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On Wednesday 11th April at “The Charter” in Aylesbury, an evening was
held to pay tribute to Vic Phillips. It was attended by his family and
friends to honour his lifetime service of over 70 years to athletics
both with Vale of Aylesbury AC and the Buckinghamshire AA (of which Vic
is a Life-Vice President).
Tribute from Peter Hoare – President of Vale of Aylesbury A.C.
We are here this evening to pay tribute to Vic Phillips, a gentleman in every sense of the word who is stepping down from a lifetime of involvement in athletics, and, who I fancy would rather retire to bed early with a cup of cocoa, which is why, out of respect for his feelings we have made this presentation tonight a small family style affair!!
I was asked to say a few words, as President of Vale of Aylesbury, on your retirement, but a few words could not in a million years even begin to cover the service you have given to the Vale and Bucks athletics.
Vic’s beginnings with our sport began in 1939 (the club was reformed the previous year) and by April membership was more than 40. Competition in track and field was mainly friendly inter-club matches against the likes of Wycombe Phoenix, Slough and R A F Halton. Training was on Tuesdays and Thursdays on the Aylesbury Rugby Club ground in Buckingham road. In May one of the clubs organised Thursday evening races, and the novices Quarter mile was won by a certain Vic Phillips then 17 years old. He also won the Junior Discus.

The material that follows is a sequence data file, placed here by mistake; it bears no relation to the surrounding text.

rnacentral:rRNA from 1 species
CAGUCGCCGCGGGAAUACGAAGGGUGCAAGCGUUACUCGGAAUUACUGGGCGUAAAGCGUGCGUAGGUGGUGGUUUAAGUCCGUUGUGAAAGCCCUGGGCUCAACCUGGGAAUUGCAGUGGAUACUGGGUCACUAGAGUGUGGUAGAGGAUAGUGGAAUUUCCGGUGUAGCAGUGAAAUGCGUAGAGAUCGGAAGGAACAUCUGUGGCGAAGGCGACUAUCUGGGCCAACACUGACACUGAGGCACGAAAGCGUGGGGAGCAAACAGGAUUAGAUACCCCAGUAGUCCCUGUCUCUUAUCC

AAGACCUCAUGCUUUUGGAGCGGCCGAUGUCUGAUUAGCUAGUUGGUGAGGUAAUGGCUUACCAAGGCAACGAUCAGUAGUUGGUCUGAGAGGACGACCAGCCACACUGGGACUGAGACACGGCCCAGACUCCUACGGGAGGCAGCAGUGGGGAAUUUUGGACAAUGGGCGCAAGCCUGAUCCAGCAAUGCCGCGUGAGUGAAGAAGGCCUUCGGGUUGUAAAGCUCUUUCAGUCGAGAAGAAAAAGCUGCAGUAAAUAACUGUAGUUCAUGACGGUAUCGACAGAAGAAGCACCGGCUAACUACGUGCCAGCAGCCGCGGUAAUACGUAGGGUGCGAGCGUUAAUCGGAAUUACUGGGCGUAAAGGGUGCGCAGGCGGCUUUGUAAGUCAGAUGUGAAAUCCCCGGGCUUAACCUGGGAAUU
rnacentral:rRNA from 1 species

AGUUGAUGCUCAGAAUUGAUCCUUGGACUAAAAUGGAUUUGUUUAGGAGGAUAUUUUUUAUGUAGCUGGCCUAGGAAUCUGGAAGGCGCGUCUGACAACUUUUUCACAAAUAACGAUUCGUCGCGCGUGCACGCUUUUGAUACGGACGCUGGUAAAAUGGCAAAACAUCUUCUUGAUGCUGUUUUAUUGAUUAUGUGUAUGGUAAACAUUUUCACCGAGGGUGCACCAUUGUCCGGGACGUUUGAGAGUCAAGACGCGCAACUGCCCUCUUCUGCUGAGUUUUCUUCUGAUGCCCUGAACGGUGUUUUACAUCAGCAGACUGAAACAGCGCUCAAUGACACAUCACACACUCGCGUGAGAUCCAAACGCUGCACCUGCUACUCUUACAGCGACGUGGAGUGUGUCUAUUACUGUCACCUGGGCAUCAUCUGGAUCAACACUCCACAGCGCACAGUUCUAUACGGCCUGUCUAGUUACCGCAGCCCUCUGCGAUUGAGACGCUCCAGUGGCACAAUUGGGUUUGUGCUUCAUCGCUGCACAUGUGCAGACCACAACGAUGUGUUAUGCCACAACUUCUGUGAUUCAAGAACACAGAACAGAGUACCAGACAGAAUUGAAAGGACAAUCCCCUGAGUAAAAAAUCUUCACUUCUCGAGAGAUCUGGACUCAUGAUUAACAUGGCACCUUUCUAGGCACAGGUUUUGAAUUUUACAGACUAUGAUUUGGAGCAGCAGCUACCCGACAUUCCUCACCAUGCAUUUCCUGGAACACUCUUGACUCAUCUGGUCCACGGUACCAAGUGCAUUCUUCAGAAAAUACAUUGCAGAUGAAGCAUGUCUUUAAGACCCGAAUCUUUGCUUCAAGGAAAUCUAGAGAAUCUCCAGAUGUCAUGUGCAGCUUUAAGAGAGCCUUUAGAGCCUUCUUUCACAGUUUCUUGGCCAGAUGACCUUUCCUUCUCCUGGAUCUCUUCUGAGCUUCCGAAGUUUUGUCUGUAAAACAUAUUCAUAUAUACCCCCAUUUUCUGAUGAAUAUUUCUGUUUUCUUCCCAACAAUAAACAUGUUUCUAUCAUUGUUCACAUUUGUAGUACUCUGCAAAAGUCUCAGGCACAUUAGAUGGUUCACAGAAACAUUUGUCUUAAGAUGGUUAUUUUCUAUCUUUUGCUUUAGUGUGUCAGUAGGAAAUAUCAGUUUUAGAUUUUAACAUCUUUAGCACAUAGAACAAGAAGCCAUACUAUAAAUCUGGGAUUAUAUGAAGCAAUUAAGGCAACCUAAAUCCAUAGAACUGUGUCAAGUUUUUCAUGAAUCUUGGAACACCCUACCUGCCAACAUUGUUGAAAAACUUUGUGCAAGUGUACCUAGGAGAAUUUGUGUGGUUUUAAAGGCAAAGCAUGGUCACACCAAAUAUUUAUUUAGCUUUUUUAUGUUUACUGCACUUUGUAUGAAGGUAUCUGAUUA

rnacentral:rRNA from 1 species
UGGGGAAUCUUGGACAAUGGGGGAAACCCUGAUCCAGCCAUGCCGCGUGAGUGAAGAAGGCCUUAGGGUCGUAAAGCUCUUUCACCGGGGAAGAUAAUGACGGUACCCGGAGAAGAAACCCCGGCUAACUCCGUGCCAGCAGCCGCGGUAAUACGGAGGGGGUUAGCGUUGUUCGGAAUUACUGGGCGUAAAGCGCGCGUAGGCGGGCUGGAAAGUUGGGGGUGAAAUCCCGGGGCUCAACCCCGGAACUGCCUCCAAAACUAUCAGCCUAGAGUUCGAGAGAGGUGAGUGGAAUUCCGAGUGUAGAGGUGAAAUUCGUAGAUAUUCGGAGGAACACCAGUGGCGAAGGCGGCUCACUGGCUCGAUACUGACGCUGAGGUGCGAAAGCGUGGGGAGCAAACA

During the year he competed in the 220 yards (200 metres to the newcomers), Medley Relays and the Javelin. That year he won 3 Junior Club Championships as well as 2 novice titles. Not a bad start!! But by September, as he was in the Territorials he was called up and joined an “ack ack” regiment for the duration of World War 2 and with it, probably, his best athletic years were lost, as with many of his generation, for the duration of the war.
On demob in 1946 he resumed his membership of the “Vale” and ran his first post war 440 yards race finishing third at Chesham Bank Holiday Sports in front of a crowd of 3000.
Athletics tracks in those far off days were either grass or cinder and track shoes black leather with a solid leather forefoot sole having a steel plate sandwiched into the sole which contained 5 steel spikes. Those spikes were about 15mm long. I know, I had a pair in the 50s and if you were accidentally spiked, you certainly knew about it!!
Vic continued with his athletics during 1947 and 1948 and this in the days when Hazell’s Sports on a Bank Holiday Monday in August attracted 200 entries, including two international runners and 9000 spectators.
One anecdote Vic relayed to Dick Hills concerned a meeting in Wolverton. Working at the printers Hazell Watson & Viney, running on a Saturday afternoon was difficult as Vic had to be at work on Saturday mornings. So, having rushed to get to the meeting, he competed all afternoon and was due to run in the VoA sprint relay team, the last event – due moments before the train was due in. Cue the Aylesbury sprint team barely breaking stride or slowing down after the race legging it to Wolverton station.